BizTalk Mapper Rant

In the spirit of full disclosure, I want to declare that this post is a
rant. Specifically, it is a nerd-rant around the BizTalk mapping tool.
If you have no interest in either rants nor the BizTalk mapper, feel
free to stop reading now. With that taken care of, let the ranting

I have just finished another week working on a client’s BizTalk system
and once again I find myself horribly irritated at the BizTalk mapping
tools. One of the fundamental tasks of any integration platform is the
transformation of data from one format to another and this is typically
done using some sort of mapping tool. What bothers me is how archaic the
BizTalk mapping tool looks and behaves, and how it turns a simple
mapping job into a Sisyphean task.

From a user-experience perspective, the BizTalk mapper looks and feels
clunky and outdated. For simple straight-across mapping, it gets the job
done, but for more sophisticated maps it tends to make mapping harder
than it needs to be. For starters, the inability to cut/copy/paste map
artifacts is ridiculous. There is no good reason that I can think of as
to why this is not permitted. Modern development is typically undertaken
in an iterative fashion. With the BizTalk mapper the only option for
doing iterative map development, say if you want to move some mapping
artifacts to a new tab, is to delete the artifacts from the original
tab and recreate them in the new tab
. That would be rough equivalent
of saying that in order to move code from one class to another it would
require you to delete the code from the original class, and re-type the
code into the new class. In a large EDI implementation using BizTalk,
this equates to a lot of wasted time and developer productivity.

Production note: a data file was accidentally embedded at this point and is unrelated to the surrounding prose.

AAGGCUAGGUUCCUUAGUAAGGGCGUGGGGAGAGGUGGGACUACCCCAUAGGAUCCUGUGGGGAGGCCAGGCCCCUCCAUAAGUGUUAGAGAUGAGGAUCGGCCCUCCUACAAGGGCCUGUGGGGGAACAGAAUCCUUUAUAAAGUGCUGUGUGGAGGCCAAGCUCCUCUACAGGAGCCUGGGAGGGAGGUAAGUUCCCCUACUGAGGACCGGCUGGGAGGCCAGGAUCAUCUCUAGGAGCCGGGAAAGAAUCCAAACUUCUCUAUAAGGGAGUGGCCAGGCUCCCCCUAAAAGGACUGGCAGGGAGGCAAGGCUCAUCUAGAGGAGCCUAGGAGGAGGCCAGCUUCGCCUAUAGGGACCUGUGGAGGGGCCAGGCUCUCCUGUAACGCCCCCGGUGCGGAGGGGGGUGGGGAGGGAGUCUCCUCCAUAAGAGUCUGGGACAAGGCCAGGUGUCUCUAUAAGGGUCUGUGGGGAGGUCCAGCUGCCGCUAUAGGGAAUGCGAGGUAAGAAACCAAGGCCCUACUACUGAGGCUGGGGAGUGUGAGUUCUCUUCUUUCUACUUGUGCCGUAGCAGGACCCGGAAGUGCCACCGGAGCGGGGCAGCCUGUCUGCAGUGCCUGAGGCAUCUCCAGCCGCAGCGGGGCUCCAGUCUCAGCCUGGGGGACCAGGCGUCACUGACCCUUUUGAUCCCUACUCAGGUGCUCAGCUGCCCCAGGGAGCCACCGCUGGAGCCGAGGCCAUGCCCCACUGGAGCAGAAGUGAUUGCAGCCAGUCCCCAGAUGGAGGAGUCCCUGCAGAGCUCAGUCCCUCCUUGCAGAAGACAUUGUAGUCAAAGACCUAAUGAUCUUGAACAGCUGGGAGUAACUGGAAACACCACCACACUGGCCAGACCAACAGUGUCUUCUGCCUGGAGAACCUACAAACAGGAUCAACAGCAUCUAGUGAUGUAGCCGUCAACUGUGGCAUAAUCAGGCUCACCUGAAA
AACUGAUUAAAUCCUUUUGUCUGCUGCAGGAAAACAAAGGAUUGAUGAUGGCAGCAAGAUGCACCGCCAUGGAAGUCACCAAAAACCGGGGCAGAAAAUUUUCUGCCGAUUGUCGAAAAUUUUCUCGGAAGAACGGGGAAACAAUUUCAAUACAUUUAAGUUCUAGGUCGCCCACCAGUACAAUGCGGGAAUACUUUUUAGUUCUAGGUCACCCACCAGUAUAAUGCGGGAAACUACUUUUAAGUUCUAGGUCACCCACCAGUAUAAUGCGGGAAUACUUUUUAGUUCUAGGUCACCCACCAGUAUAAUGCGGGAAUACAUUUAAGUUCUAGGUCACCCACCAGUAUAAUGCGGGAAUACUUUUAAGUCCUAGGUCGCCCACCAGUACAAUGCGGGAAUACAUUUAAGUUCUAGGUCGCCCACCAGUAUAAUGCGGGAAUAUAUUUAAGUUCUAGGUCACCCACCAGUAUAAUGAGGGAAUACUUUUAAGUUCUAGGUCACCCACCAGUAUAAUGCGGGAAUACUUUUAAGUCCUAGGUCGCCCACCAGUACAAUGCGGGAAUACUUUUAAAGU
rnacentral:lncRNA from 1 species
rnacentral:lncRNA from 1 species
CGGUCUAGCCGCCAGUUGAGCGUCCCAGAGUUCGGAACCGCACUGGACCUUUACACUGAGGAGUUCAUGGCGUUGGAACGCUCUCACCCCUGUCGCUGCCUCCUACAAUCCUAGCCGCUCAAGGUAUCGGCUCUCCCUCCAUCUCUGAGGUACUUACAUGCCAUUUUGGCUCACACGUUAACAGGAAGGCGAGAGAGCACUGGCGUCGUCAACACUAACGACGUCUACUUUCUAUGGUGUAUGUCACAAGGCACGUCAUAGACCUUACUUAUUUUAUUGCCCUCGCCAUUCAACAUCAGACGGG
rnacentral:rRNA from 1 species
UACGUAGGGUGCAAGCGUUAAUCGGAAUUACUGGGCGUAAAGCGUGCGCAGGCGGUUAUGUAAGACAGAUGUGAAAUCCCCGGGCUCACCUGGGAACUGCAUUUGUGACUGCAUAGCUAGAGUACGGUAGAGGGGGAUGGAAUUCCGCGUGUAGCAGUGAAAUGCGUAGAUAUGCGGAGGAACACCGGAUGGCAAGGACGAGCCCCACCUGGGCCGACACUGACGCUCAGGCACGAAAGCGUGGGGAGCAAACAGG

This leads into my next gripe. What was the point of integrating the
BizTalk mapper into Visual Studio and making it so complicated that only
a trained developer can use it? As an integration consultant, I want to
help my clients architect and build integration solutions. I do not want
to sit there cranking out data maps. With other integration platforms
mapping is an activity typically done by business analysts. But with
BizTalk my clients would be forced to purchase an expensive Visual
Studio license just for BizTalk mapping. Instead mapping is assigned to
a developer who already has a VS license. If that was not enough, the
mapping experience in BizTalk is so sub-par, that in many cases it is
easier to skip the visual tools altogether and write an XSLT script
instead. ^[1]^ Again, I would love to hand mapping tasks to a business
analyst but since any non-trivial mapping task will require the use of
either XSLT or .NET scripting I can not reasonably expect the business
analysts to have the programming background necessary to accomplish the

This brings me to my final complaint. Why has the BizTalk not been
updated in the past four releases? ^[2]^ I realize that over time
Microsoft has added new functoids to mapping toolbox, but fundamentally
the mapper has seen little love over the past four years, and remains
relatively unchanged in the public beta for BizTalk 2009. If Microsoft
is going to continue to punish developers with the current mapper
architecture, the least they could do is update the XSLT and XPath
processors to support the current version of these technologies. At
least that would provide some relief to the friction involved in BizTalk
map development.

It is obvious with the release of .NET 3.0 and 3.5 that Microsoft is
working on building a new foundation for integration. The release of the
Windows Communication Foundation and Windows Workflow Foundation, and
upcoming technologies like Oslo and Dublin look to be the building
blocks for the next generation of integration technologies on the
Microsoft platform. What I have a problem understanding is why are these
new technologies not being incorporated into the upcoming release of
BizTalk 2009? SurelyMicrosoft could leverage the newer releases of the
.NET Framework to provide a better mapping experience to the BizTalk
developer community. In fact it makes one wonder if Microsoft’s
reluctance to update the tools in BizTalk is a signal that the product
is going to be discontinued. There is also the possibility that BizTalk
is undergoing some sort of radical change, so Microsoft is unwilling to
invest more resources into the current version. Either way it does not
fill me with confidence for the future of BizTalk.

With that I am going to bring this rant to a close.

[1] In fact, I now typically recommend to my clients that they learn
XSLT and skip the visual mapper altogether.

[2] The first version of BizTalk I have used is 2004. I do not know what
the mapper was like in previous versions.